Between children’s sports, dance classes, homework, and playtime, family
connection can be tough to find!
Life coach and author Connie Sokol shares ideas to create pockets of time
and predictable places where you can consistently connect.
Use drive time. Despite your children’s protests, this is vital time to
get scoops on the day. Turn off the radio and require all ear buds out. Avoid
the usual questions of “How was your day?” and instead ask specifics—who
did you hang with at lunch/play with at recess? What was the high/low today?
Then ask follow up questions—”Why?”, “What did he say?” or “What did you
do about it?” No need to make it a Diane Sawyer interview, but a few follow-
up questions yields great info nuggets that can come in handy later. And
keep the gasps and judgment calls for later.
Establish a “chat room”. In your home or car, on the back deck or
at the kitchen counter, create a typical place to talk where they know you will
likely be. My children know that after an evening activity mom will most likely
be in her pjs and her bed, lamp on, journal in hand, waiting for a lowdown on
the fun. Whatever you choose, make it a lovely place with things that invite
warmth—milk and cookies in the kitchen, a cozy chair in your bedroom—and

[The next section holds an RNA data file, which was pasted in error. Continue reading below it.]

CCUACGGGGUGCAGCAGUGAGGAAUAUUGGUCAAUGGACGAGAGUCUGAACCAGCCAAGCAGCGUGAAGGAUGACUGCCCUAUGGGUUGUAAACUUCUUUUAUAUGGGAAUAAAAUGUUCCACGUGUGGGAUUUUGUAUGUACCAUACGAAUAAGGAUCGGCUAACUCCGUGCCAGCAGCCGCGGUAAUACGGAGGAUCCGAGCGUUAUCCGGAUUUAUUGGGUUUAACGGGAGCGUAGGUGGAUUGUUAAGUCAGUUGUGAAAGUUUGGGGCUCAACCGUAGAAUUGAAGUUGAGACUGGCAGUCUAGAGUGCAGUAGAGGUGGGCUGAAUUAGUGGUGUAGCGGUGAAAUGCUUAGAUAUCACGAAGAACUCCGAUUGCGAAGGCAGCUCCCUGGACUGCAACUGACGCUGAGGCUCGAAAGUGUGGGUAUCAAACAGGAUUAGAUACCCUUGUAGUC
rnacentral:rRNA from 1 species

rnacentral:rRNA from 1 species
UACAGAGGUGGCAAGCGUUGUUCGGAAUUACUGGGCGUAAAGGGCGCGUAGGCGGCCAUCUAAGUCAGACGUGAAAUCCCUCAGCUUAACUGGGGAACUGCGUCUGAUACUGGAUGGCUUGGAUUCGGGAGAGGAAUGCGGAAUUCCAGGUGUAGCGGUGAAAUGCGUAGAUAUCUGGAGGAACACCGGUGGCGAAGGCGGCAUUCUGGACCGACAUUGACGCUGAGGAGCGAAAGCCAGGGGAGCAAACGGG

you’ll find they want to be there.
Choose “Their” night. Simply and clearly choose time to spend
individually with each child. It doesn’t matter the frequency—once a month,
every other day—or the time frame—pop in for a surprise lunch, on the way
to volleyball, etc. With six children, we start at the top of the list and my
husband and I alternate, making sure within a few months each child has
been out, alone, with both him and myself. These one-on-one times are
tough to choreograph but so fabulously worth it. Where else would I hear the
vital details of the latest Rick Riordan book, or the intense playground drama
I’d only guessed at? And it doesn’t have to be “a deal”. Driving one of my
daughters to her dance class is a perfect time to elongate it with a Subway
dinner once in a while. We typically alternate activities—a full-on dinner, ice
cream at the park, or a dollar movie and popcorn (driving at least 30 mins
away so we can talk on the way). And we ideally try to involve their interests.
My one son and I attended many of the Harry Potter book releases, and he
still talks about it though he’s in college! It doesn’t have to over-the-top, but
your children will look forward to it and help them feel “I matter.”
Connie Sokol is a mother of six, a national and local presenter, former TV
and radio host, and columnist for Deseret News. She is the author of Faithful,
Fit & Fabulous, Life is Too Short for One Hair Color, and Life is Too Short for
Sensible Shoes. Connie shares weekly woman/wife/mom life tips, products,
and a fabulous blog at www.8basics.com. She delights in
spending time with her family and eating decadent treats.